How to change a virtual machine's memory (RAM) on Intel-based Mac

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Change amount of RAM in my virtual machine

  1. Shut down your virtual machine (from the menu bar choose Actions > Shut Down)
  2. Open virtual machine's configuration > Hardware > CPU & Memory
  3. Set the required amount of RAM by entering a number manually or moving the slider:

    NOTE:  The amount of memory assigned to a virtual machine must be multiple of 1024 or Windows may behave inappropriately. E.g. 1024, 2048, 3072 MB and so on.
    Once again, we strongly recommend keeping the slider within the recommended range. Assigning more RAM than recommended may cause severe performance degradation of both Mac and virtual machine.

  4. Close the configuration window and start your virtual machine.

Parallels Desktop Memory Requirements

Please check system requirements of your Parallels Desktop version to see how much RAM your Mac should have for running Parallels Desktop virtual machines. System requirements can be found in a User's Guide or in the KB 124223.

Recommended memory values

The amount of memory you can assign to a virtual machine depends on the total amount of RAM your Mac computer has (to check Mac memory click on Apple logo > About this Mac).

It is recommended to assign not more than half of your Mac's memory (RAM) to a virtual machine. And if you want to run multiple virtual machines simultaneously, it applies to all of their memory combined.

NOTE: Please pay attention when exceeding the recommended RAM value - your overall Mac performance may be significantly decreased.

Maximum amount of RAM Parallels Desktop supports

In Parallels Desktop for Mac you can assign up to 8 GB of RAM to your virtual machine. In Pro Edition you can assign up to 128 GB of memory.

Additional information

There is also a memory limitation that may prevent you from assigning the maximum memory - it's the maximum physical address size supported by your Mac's processor. To check the maximum address size on your Mac:

  1. Download and install MacCPUID utility
  2. Run MacCPUID utility. Go to the Misc tab > Address Sizes > Physical Address.

  3. If the value is 64 or below, you will not be able to assign all 64 GB of Memory to your virtual machine due to the processor technology limitation.

When your virtual machine runs, by default it tries to lock all the memory assigned to it from the Mac RAM. However, your virtual machine runs on top of the macOS, so we need to make sure the macOS is always provided with efficient memory amount to run with no glitches. It was concluded the macOS should always have access to some significant amount of RAM installed on the Mac.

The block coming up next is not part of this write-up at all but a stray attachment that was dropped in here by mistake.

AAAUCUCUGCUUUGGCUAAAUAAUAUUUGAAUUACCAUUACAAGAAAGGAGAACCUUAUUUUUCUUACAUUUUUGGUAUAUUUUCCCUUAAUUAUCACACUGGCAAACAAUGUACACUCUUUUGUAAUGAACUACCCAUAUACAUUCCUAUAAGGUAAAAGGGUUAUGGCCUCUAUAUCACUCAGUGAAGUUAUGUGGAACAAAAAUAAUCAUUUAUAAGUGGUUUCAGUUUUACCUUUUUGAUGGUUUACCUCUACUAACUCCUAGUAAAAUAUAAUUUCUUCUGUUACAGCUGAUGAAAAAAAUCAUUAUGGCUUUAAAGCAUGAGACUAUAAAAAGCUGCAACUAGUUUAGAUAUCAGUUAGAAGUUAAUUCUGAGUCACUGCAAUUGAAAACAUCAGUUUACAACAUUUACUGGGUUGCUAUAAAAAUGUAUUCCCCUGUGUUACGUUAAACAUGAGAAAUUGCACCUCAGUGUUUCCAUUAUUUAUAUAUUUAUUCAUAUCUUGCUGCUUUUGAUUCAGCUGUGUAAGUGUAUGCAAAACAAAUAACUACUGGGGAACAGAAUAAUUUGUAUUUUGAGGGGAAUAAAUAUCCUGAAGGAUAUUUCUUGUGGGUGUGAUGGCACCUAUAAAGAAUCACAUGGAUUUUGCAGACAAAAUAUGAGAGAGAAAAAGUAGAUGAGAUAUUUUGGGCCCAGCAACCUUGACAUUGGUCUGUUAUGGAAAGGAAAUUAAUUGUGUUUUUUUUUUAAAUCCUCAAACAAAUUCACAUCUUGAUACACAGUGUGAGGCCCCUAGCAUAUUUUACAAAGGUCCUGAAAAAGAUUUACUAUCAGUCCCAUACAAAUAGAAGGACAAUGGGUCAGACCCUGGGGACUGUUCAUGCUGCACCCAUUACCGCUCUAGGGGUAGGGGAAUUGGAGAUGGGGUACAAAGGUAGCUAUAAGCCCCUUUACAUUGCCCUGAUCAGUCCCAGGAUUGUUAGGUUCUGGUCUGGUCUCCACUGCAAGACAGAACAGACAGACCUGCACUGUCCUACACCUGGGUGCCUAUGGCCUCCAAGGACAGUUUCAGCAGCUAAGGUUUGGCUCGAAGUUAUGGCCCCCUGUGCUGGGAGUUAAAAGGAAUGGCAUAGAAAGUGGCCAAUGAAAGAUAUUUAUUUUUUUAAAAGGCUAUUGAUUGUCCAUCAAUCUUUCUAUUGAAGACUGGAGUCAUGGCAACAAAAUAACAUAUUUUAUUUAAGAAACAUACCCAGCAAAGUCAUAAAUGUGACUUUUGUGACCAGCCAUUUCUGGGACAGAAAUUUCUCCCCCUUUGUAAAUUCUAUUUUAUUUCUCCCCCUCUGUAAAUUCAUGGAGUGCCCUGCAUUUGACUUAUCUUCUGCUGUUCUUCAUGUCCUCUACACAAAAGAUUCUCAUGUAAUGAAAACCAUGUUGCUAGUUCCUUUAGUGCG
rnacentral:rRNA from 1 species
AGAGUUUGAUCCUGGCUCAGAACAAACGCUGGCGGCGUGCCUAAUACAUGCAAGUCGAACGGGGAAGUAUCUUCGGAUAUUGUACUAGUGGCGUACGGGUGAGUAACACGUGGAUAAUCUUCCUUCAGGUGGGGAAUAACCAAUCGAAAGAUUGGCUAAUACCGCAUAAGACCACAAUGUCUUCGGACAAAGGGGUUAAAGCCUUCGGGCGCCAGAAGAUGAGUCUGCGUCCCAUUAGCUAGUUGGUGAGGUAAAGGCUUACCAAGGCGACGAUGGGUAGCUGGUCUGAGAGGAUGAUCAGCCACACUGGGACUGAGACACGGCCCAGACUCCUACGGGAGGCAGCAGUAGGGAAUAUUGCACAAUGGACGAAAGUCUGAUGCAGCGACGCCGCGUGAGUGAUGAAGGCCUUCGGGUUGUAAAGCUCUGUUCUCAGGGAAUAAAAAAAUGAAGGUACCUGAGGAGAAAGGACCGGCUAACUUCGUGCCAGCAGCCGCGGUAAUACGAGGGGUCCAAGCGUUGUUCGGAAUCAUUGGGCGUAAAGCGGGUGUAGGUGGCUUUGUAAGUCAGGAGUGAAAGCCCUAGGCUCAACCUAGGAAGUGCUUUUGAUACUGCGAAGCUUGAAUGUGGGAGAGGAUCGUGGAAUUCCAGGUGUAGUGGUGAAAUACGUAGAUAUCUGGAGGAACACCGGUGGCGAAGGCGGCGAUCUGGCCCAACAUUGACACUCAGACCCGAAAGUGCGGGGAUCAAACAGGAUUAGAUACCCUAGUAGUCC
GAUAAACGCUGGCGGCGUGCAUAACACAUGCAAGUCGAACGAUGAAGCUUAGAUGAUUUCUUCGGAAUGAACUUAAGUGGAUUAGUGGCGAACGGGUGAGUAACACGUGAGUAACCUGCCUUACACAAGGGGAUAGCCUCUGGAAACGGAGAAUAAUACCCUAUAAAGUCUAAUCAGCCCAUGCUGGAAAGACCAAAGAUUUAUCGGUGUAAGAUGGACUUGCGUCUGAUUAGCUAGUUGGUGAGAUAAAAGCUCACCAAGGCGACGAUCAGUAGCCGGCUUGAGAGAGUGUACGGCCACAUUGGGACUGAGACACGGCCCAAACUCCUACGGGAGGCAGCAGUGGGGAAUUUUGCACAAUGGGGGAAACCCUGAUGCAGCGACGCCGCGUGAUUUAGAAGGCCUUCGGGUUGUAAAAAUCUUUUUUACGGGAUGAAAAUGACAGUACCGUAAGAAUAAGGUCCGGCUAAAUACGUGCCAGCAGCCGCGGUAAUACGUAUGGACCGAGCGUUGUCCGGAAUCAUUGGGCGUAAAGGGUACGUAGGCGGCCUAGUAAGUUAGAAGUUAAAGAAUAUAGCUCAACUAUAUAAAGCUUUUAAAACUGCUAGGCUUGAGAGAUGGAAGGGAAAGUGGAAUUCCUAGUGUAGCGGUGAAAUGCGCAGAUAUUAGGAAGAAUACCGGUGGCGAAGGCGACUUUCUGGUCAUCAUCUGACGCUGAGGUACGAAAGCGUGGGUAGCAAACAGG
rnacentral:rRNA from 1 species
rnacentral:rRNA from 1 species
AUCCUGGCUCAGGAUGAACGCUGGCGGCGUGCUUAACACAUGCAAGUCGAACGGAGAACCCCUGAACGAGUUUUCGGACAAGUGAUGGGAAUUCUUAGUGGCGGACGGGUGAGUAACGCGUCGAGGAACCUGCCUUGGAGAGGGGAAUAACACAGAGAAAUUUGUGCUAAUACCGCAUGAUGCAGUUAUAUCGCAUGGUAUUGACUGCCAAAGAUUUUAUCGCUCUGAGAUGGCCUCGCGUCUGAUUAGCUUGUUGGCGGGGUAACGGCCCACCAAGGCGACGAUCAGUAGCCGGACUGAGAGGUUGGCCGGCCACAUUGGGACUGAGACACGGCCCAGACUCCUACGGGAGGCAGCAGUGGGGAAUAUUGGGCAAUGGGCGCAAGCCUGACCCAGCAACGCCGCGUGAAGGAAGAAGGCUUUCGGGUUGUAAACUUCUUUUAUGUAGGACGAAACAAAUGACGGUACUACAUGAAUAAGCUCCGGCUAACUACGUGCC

The amount of memory your virtual machine will use can be divided into 3 parts: - the virtualization overhead: uses only about 8-9 % of the total amount of RAM assigned to the virtual machine, however it is always stored in the Mac physical RAM. - the "main" memory, which works as RAM as such inside the virtual machine: configured in the virtual machine configuration > Hardware > CPU & Memory. - video memory: Hardware > Video (Graphics).

The virtual machine tends to use the Mac "wired" memory. This is a memory that cannot be compressed or swapped to the Mac hard disk. This is done to provide your virtual machine with the best performance. However, if your Mac runs any other applications that use the "wired" memory and the virtual machine's memory is set outside the recommended RAM range, the "wired" memory may soon reach the size of the physically available memory that will significantly degrade your Macs performance.

To avoid performance degradation of your Mac when the amount of memory assigned to your virtual machine is in "yellow" or "red" zone Parallels Desktop can swap some amount of the virtual machine's memory to the Mac Hard disk. Taking into account that the read/write speeds of the RAM and the HDD devices are significantly different, your virtual machine may endure some performance degradation.

Even though Parallels Desktop can swap some amount of the virtual machine's memory to the disk thus making the total amount of memory available for the virtual machine even bigger than the total size of the physical RAM installed on the Mac, the amount of the virtual machine's memory that cannot be swapped to the disk will always be not less than about 30% of the total memory assigned to the virtual machine. This is done to guarantee the performance and the stability of work for your virtual machine. That is why, for example, it will not be possible to assign more than 7.4 GB of memory (both the main Memory and the Video Memory) for the virtual machine running on the Mac with 4 GB of RAM installed.


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